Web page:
The Web Notifications API

While often annoying and unwanted, notifications can play a vital role in our usage of the web. Thankfully, the Web Notifications API offers a way to integrate directly with native notification systems, while respecting user and operating system preferences. Let's jump right in.

Checking compatibility is an important step when using Web APIs. It typically consists of checking for an object key on the window global using the JavaScript in operator. For this particular demo, it looks something like this:

if ('Notification' in window) {
  // do stuff

Next, we need to request permission from the user. Requesting permission is a workflow that's built right into the browser so many of you will have encountered it already, usually manifesting in a pop-up near the address bar. Currently, Firefox and Safari require that this request is triggered as the result of a direct user action, not just on page load, preventing websites from spamming users with notification requests they did not want.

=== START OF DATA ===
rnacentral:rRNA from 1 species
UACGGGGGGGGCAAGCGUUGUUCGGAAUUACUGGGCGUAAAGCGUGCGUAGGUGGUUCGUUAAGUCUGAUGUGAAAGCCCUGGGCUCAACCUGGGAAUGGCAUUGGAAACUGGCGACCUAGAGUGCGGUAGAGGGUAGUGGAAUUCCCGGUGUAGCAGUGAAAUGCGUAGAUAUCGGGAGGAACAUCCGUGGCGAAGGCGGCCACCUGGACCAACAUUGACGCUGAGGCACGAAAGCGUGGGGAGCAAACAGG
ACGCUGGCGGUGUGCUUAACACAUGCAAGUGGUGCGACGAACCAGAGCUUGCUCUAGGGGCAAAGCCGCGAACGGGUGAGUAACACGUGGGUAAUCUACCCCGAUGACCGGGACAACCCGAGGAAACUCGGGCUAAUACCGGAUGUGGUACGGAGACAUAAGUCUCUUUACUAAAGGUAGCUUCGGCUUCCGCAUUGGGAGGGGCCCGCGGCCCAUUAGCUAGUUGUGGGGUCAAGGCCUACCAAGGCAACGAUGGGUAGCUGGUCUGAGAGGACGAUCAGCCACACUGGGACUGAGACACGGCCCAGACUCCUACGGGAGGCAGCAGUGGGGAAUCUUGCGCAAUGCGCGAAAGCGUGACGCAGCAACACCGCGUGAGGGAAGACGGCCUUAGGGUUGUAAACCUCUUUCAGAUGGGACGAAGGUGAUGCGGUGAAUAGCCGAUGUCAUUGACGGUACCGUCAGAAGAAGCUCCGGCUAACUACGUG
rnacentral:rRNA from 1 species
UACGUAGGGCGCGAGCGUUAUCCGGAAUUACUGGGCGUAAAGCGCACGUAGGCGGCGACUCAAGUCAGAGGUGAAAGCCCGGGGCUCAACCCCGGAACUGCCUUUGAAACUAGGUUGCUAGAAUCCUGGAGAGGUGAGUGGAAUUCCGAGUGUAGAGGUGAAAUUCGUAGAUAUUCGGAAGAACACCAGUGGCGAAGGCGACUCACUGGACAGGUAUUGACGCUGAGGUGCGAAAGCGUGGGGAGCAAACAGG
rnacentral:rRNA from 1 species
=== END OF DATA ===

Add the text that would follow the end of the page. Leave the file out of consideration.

let permission = await Notification.requestPermission()
Note: the await based syntax is not supported in Safari 🙄

This function call returns either 'default', 'denied', or 'granted'. If the user grants permission, sending a notification is as easy as constructing it!

if (permission === 'granted') {
  new Notification("Some title here!", { options })

You can explore all the different options in the MDN docs linked below, but here are two that I found interesting:

A vibration pattern for the device's vibration hardware to emit with the notification.
An array of NotificationActions that represent custom actions a user can take on a certain notification

I encourage you to pop open the browser developer tools and try constructing Notification objects to get familiar with the options.

Thanks for joining me for the first edition of Perusing the Platform. If you are interested in any of the source, feel free to check your browser developer tools for pristine, unmodified HTML, CSS, and JS :)